ACT NOW OR LOSE UK’S CAR RESTO SKILLS
Specialists back plans aimed at training a new generation of classic restorers – but there’s an urgent lack of new recruits
Classic specialists are being urged to join forces to solve the shortage of restoration – or risk losing a generation of know-how vital to keeping Britain’s cars on the road. Changes in the way the Government awards grants for apprenticeships mean that at least ten businesses need to work together to set up a new classic restoration training scheme. Businesses across the country have said this week that they will support the scheme, but more need to come forward for it to secure government funding. James Szkiler of North Yorkshire-based Malton Coachworks says: ‘There is an urgent need to pass on the priceless specialist skills to the next generation. An apprentice scheme would be ideal.’
‘Apprenticeships will benefit everyone in the industry if skills aren’t lost’
Classic specialists are being urged to join forces in order to get a Government-backed apprenticeship scheme off the ground – or risk losing a generation’s worth of restoration know-how.
The Federation of British Historic Vehicle Clubs (FBHVC) has called on restoration businesses to develop a scheme to solve the crippling shortage of new specialists joining the industry.
The Government is changing how it funds apprenticeships from May this year and wants employers to lead development of their own apprenticeship. The FBHVC says that ten companies need to work together in order to secure this crucial funding.
Communications director Geoff Lancaster says: ‘Our intention is that employers will develop a classic car apprenticeship from scratch. The Government doesn’t want lots of similar standards so the trailblazer group will need to differentiate it as much as possible from the light vehicle technician apprenticeship that has already been approved.’ The FBHVC is hoping that after such a group is formed, it will be able to develop and get the new classic car scheme – covering all areas of classic restoration, including upholstery and paint – approved before the end of the year. It reckons 1000 new classic apprentices are needed over the next five years to replace retiring specialists. Jaguar Land Rover has already indicated that it will help to lead development of the scheme, but this week other classic specialists have told CCW that they would be interested in supporting it too.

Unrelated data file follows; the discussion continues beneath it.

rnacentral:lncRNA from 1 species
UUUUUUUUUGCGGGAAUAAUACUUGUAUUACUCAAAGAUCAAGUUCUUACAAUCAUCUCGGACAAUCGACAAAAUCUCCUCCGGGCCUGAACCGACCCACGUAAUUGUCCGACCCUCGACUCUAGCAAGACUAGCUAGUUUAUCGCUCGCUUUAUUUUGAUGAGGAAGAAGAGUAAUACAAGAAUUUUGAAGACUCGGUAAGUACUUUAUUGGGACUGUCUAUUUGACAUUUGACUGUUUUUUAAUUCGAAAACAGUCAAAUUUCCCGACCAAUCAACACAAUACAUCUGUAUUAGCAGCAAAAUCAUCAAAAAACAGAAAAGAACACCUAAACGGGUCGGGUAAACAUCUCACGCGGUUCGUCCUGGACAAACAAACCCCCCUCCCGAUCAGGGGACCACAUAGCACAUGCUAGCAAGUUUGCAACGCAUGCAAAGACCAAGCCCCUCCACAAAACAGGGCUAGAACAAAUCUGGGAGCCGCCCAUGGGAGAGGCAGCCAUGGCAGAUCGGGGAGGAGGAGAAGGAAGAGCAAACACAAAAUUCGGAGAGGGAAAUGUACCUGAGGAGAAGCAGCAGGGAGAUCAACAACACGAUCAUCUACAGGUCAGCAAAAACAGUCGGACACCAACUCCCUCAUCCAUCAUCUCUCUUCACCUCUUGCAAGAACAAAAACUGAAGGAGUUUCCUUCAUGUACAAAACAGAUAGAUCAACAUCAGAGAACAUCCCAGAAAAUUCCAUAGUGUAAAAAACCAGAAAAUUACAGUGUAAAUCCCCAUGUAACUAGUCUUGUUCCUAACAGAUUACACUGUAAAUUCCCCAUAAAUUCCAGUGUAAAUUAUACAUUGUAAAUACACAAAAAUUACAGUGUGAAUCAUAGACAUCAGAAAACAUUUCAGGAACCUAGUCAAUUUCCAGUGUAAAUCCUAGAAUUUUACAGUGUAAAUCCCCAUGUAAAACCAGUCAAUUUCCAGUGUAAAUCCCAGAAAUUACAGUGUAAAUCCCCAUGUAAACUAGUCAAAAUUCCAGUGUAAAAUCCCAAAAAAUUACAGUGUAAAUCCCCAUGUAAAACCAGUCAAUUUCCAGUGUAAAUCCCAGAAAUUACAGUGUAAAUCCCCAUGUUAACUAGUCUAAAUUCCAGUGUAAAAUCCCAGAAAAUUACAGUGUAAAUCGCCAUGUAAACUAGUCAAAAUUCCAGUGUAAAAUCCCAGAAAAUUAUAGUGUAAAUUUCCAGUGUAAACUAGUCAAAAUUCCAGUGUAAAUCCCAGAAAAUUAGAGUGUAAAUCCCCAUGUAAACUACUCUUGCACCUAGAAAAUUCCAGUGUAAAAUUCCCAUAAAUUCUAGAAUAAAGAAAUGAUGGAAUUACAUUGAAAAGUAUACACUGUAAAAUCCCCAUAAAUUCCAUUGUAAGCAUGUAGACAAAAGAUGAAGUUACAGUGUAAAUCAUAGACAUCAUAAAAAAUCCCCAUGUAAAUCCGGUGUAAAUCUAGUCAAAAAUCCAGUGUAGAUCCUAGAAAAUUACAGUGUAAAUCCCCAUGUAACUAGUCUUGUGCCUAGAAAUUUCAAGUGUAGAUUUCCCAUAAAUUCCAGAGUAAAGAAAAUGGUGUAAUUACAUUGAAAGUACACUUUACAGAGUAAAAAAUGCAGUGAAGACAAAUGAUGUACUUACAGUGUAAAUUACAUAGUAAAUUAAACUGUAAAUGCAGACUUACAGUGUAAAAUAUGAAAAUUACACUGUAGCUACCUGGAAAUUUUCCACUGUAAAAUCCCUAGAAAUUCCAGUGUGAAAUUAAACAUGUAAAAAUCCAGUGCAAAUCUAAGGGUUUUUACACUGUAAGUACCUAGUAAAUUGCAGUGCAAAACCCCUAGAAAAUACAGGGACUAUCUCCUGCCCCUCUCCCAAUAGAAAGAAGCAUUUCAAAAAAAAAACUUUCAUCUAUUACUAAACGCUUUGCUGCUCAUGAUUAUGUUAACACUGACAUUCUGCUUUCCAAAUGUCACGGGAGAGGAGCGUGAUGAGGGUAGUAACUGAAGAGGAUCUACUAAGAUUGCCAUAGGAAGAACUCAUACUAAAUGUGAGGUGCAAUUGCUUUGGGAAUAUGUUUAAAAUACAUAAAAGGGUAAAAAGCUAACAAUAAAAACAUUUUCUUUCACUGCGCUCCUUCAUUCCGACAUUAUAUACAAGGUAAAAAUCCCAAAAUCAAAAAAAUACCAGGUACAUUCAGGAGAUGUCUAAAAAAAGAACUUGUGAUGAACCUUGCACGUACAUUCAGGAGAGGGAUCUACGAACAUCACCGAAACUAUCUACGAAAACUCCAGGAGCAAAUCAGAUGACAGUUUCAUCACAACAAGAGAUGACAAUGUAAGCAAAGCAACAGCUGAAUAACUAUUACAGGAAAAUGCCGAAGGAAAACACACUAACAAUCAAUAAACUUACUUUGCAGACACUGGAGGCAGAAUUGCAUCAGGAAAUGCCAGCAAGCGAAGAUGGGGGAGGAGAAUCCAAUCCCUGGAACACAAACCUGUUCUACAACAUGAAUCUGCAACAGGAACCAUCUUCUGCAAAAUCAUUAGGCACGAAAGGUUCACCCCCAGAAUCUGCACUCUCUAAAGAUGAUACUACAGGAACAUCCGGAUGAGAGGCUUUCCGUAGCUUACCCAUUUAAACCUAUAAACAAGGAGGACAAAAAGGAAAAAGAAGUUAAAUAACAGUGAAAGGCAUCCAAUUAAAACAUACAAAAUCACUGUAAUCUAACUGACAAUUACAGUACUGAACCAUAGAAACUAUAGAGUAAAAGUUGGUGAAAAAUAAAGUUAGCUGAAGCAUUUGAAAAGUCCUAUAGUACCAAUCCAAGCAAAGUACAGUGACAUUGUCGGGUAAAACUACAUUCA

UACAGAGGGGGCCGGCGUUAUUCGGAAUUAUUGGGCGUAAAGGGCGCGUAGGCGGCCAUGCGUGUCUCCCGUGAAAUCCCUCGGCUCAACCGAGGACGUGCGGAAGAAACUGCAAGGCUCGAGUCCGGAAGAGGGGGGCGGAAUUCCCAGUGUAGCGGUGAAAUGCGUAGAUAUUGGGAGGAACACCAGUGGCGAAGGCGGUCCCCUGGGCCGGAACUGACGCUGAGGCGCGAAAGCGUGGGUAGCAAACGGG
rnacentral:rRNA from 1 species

Anne Asprey, training and development manager at RBW Classic Cars (formerly known as Rusty Bug Workshop) says: ‘ We were lucky enough to have received funding from the National Lottery to help take on three apprenticeships, but that doesn’t exist anymore.
‘Developing a specialist apprenticeship that meets the needs of restorers would be brilliant for the industry. We would be happy to help out and meet with other employers to make this happen.’
Chris Ward, operations director at Maldon-based JD Classics, also said that the business was interested in getting involved with the working group in order to safeguard classic car restoration skills for the future. He says: ‘There is a skills gap in this industry and as much as a specialist apprenticeship would be beneficial to us as a business, it will benefit everyone in the industry if it means that skills won’t be lost.’
Perthshire-based Classic Restorations is a long standing supporter of apprenticeships, and is interested in backing the latest scheme.